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or exchange its station with another that is foreign ; it seems unreasonable to suppose that the radical parts of our bodies, in which I have presumed their identity consists, can receive any external supplies from that nutrition which is necessary to our lives. These radical parts are, in all probability, emblematical, in their manner of existence, of that which our future bodies shall possess, when time shall be lost in eternity. We behold in miniature that mode of life, which our bodies shall sustain hereafter; and, though it is a mode of existence which we cannot comprehend; it only serves, in conjunction with other truths, to point out unto us the limitation of our faculties, when we turn them to investigate the wonderful works of God,

The preservation of these portions of our bodies, in a situation, where all other compounded bodies are verging to decay, can only be ascribed to the infinite power, and unsearchable wisdom of Him, in whom we live, and move, and have our being. At best, in this life we see but through a glass darkly; and have but inadequate conceptions of those scenes which we contemplate. The shadows of mortality hover round us; and conceal those realities which lie beyond the grave. A few scattered rays of light disseminate their lustre through the gloom, sufficiently luminous to convince us, that we are not pursuing phantoms, when we look beyond the grave.

Our organs of vision, as well as our mental powers, seem best adapted to the station which we now occupy; but, even to an accurate investigation of

the things of time, we feel ourselves totally incompetent. The influence of moral evil, without doubt, has darkened

up

the avenues of the soul, and prevented our mental powers from penetrating those oceans of knowledge, which lie in rich reversion beyond the grave. The rays of light, which irradiate this field of blood, and of darkness which we inhabit, are convincing proofs of that height from whence we have fallen ! while they serve to shew us the glory which we have lost. The present condition of creation is an evidence of our disgrace; even the earth, which trembles beneath our feet, while it gives seed to the sqwer, and bread to the eater, is evidently labouring under a curse for the sake of man. Our mental powers feel the fatal disorder; they exhibit to ourselves a strange variety of imbecility and power ; we appear to ourselves “majestic though in ruins,"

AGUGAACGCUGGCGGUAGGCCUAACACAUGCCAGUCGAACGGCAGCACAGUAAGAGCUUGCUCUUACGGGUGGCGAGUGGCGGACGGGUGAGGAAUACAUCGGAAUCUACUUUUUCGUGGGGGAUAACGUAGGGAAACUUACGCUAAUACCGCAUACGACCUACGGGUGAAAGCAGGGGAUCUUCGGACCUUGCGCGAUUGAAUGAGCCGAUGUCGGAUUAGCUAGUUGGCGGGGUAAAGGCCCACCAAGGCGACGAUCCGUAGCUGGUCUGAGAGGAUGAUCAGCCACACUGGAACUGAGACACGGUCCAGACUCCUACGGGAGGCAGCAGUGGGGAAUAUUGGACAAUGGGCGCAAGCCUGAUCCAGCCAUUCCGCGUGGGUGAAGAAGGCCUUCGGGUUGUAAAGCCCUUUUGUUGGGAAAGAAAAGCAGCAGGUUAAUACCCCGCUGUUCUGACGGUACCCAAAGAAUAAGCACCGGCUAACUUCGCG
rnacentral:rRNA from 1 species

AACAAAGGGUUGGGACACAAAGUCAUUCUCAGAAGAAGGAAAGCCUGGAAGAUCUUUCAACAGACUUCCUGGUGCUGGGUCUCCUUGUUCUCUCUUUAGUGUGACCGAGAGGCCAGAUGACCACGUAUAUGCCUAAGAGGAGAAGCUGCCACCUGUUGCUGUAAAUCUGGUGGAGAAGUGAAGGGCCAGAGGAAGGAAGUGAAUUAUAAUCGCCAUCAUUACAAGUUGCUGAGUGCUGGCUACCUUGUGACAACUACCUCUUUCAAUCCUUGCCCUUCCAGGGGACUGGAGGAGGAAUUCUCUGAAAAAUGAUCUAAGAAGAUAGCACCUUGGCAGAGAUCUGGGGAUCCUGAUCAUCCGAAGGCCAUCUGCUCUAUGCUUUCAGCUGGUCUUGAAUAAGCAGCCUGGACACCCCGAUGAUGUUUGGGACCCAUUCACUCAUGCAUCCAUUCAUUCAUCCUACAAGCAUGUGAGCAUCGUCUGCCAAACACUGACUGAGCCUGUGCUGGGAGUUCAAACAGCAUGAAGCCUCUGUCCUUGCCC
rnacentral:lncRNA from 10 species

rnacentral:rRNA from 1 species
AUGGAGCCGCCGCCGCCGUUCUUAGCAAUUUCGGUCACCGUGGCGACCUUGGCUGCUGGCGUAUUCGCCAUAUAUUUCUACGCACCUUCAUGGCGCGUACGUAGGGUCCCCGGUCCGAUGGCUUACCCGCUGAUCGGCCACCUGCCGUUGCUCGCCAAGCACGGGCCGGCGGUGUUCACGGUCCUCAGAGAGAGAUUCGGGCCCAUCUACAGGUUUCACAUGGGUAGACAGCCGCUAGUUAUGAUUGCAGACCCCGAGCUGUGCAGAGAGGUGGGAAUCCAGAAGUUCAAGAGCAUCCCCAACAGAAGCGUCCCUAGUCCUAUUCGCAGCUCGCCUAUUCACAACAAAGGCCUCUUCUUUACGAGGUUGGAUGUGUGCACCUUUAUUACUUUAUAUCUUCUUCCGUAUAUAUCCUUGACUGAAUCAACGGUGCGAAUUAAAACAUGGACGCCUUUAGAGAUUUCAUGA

When we turn to our bodies, the mournful picture requires no colouring.

Our decorations are but badges of our shame. Our noblest triumphs are of short duration ;—" the paths of glory lead

” Our continuance, in the midst of all that which the body can enjoy, is but momentary ; even “ earth's highest station ends in here he lies, and dust to dust concludes our noblest song. The swift approach of death casts a damp upon our most sanguine expectations; the tombs of our departed kindred and neighbours seem to tell us, that our breath is corrupt, our days are extinct, and the grave is ready for us. The shattered frag

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but to the grave.

ments of those, who have stepped into eternity before us, exhibit nothing but a scene of disgust and degradation; while they beckon us to the tomb'to heighten the disgrace.

With these prospects before us, and these alone, human life is little more than a scene of misery; encircled on every side with occasions of despair. But, the light of the gospel softens the horrors of the scene; and points out to a guilty world, the efficacy of that blood which was shed on Calvary, to make an expiation for sin. Through this blood, life and immortality have again revisited these abodes ; and taught us to look beyond the confines of the grave, for a scene of felicity that can never end. Through this blood of sprinkling the natural effects of sin are counteracted ; and salvation from the moral consequences of that fatal malady is freely offered to the sons of men.